Sunday, August 24, 2008
One positive note is that we are in the process of painting the swimming pool. It is just sitting there baking in the sun, bright blue and dry, begging to be filled and cooled off. (Or is that me?) Maybe I didn't notice the heat when I could walk outside and jump into the pool to swim, read, write, or just float around with foam noodles. In fact, the pool was so invigorating that lowering my body temperature caused me to forget to drink three liters of water a day. I was so refreshed I ended up dehydrated, and I know better!
We picked a good time to paint the pool. We are in a long dry spell, considering we are in the middle of the rainy (and hurricane) season. It has not rained much since we returned from our trip, a week ago Friday. It is difficult to be sitting here pouring in sweat, with only cold showers to cool off, hoping that it does not rain all week long. Why does pool paint have to dry for a week, anyhow? It sure feels dry.
I feel like I own a boat, having this swimming pool in the back yard. It needs constant love and attention, just like a boat. When it came time to sand and paint the pool, it felt like part of the natural course of things. We didn't complain, we just got out there as soon as the sun was out of direct line of sight and started sweating and sanding, and later sweating and painting. The fact that it is out of commission during the days we would enjoy it most is just one of the sacrifices of having a luxury. I think these days are meant for reflection. Believe me I already appreciate the luxury of having the swimming pool, and I have mentioned it before.
I mostly miss our morning aquatic exercises. By noon, if I have not accomplished things it is certain that nothing will get done until the sun is setting and it cools down. Good thing the Olympics have been on TV, because we have turned into hammock spuds. With three or four fans blasting at you you can just about get comfortably cool in the hammock. It is this time of year that foreigners understand why Yucatecans spend all their time in their hammocks. I can not imagine sitting on a hot sofa; it is challenging at night because the bed is still usually holding in a lot of heat. And so we end up in hammocks again. With three or four fans blasting.
I recently bought a helicopter fan. It is a high powered fan that would literally take off if it were on a stand. It is loud but at least you can breathe. Some of the fans we bought last year have already died. In April when the live wires snapped outside the house and zapped us inside the house, it burned up two surge protectors and two fans. Others have been cheaply made and unsturdy and just had a short floor life. I went out to replace missing fans when the heat wave kicked in, but I was too late. There was one cheap fan at 14 dollars, and the helicopter for 50. I bought them both. The last fans in Mérida. I will learn from this, in November when it cools down and the shipment of fans has finally arrived in the Yucatán, long after the hot season, I will stock up on fans for next summer.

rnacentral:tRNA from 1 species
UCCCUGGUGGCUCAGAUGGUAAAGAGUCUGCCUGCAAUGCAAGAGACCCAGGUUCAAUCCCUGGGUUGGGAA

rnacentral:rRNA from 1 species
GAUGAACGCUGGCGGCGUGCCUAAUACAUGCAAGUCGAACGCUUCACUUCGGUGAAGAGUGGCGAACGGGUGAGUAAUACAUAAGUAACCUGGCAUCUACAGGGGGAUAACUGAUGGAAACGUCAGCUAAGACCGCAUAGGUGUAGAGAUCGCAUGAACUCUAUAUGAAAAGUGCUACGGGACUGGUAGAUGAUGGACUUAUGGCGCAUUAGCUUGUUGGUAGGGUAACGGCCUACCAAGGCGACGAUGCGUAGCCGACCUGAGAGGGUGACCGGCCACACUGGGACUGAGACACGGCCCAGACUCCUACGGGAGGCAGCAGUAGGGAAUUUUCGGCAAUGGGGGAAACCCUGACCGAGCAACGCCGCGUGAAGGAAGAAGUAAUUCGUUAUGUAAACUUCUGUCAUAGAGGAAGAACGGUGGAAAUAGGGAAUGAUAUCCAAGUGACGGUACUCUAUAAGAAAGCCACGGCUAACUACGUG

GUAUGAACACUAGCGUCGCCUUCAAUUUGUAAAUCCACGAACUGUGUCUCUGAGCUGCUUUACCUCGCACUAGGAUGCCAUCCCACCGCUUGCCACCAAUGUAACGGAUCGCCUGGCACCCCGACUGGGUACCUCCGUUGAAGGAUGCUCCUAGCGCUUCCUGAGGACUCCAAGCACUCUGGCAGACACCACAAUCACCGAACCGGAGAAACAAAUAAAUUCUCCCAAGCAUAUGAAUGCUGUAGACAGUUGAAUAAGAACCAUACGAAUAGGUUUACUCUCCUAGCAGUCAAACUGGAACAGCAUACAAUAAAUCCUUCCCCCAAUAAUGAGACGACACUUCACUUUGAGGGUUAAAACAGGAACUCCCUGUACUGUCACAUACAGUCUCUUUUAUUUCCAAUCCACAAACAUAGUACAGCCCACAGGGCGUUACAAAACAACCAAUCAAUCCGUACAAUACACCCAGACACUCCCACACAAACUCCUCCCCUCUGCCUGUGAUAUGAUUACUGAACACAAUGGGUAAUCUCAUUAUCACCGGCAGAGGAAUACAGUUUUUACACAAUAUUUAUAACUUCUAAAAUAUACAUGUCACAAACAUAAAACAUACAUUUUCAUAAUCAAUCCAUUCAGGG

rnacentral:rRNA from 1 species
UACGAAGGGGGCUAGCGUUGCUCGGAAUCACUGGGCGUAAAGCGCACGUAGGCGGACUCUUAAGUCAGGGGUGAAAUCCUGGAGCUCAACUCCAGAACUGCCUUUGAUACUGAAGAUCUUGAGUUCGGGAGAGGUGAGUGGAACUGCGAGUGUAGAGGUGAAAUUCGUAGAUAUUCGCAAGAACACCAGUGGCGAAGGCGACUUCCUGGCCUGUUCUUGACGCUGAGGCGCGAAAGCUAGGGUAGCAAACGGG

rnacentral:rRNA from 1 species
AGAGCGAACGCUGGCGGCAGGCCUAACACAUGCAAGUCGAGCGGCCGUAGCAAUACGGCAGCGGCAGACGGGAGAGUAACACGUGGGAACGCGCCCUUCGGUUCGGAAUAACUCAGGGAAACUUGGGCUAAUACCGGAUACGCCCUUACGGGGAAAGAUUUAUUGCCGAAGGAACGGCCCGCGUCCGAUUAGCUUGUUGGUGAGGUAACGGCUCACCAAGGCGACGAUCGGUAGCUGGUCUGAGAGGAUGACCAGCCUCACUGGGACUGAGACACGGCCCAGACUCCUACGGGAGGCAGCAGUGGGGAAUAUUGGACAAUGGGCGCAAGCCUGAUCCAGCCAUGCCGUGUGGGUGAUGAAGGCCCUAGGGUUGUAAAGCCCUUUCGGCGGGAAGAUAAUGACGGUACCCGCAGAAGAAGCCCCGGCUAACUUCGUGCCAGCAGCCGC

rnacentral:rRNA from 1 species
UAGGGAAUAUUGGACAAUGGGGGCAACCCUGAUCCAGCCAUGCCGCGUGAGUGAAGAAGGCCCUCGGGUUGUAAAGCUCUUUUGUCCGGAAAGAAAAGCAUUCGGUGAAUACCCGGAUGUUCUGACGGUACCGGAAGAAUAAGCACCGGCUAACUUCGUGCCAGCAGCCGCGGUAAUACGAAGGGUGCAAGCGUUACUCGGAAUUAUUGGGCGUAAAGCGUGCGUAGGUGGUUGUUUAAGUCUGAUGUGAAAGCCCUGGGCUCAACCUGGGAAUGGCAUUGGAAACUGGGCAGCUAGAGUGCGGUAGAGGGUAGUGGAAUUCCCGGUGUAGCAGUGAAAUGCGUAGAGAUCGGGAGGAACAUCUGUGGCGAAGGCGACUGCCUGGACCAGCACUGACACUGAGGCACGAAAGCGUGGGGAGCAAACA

Monday, August 18, 2008
Relaxing in our El Salvador Palapa.
Pablo playing with Garífuna. My camera suffered terminal failure..
Rosalila temple restored in Copán museum.
Sunday morning in La Entrada, Honduras.
We drove to Santa Rosa (or is it Rita) del Copán, about two hours south of La Entrada. Coffee and tobacco are the attractions there. What a pretty colonial mountain town. We found food and money, and by then I had found someplace more interesting and outback for us to seek on the day's adventure. We drove to Gracias, and took a turnoff toward La Calma. Seventeen slow kilometers and four river crossings (no bridges) later we eased into a little village nestled in a valley next to a huge canyon. The guidebook said they had great pottery there. There was a small town square, but no tourists, no market, just calm. We stopped to ask about the pottery. We were in luck. The woman Pablo chose to ask for information was a potter. She was a Lenca woman named Mercedes. She was polishing a piece as we drove up. Besides the usual pottery fare, she made mobiles and sold the parts individually. How fun it was to find the intricately carved beads and miniature pitchers, pots, etc. so I could make my own mobiles. Pablo fell into a Honduran cigar hunt and came back all smiles with 100 hand rolled cigars. The sky rapidly clouded up and we were in for a storm. We took a room in one of two hotels and settled in to watch the excitement of lightning and sideways rain from the patio. Had snacks for dinner and got a good night's rest for the bone shattering journey back to the main paved road. At Gracias, we took another side trip to some hot springs. We were the first of two couples to enjoy the 97°F mineral baths that day. A beautiful neon blue butterfly took a liking to me. We enjoyed a few hours there and decided to head yet farther down the Ruta Lenca toward La Esperanza. We were supposedly going to see these interesting indigena who speak Nahuatl (Aztec?) in the little villages all decked out in traditional gear. But they no longer dress that way except on special occasions. The people in Honduras seem to live on second hand clothing, period. I would like to add some info about the Lenca Indians but at this writing I have not had time to research that. Later.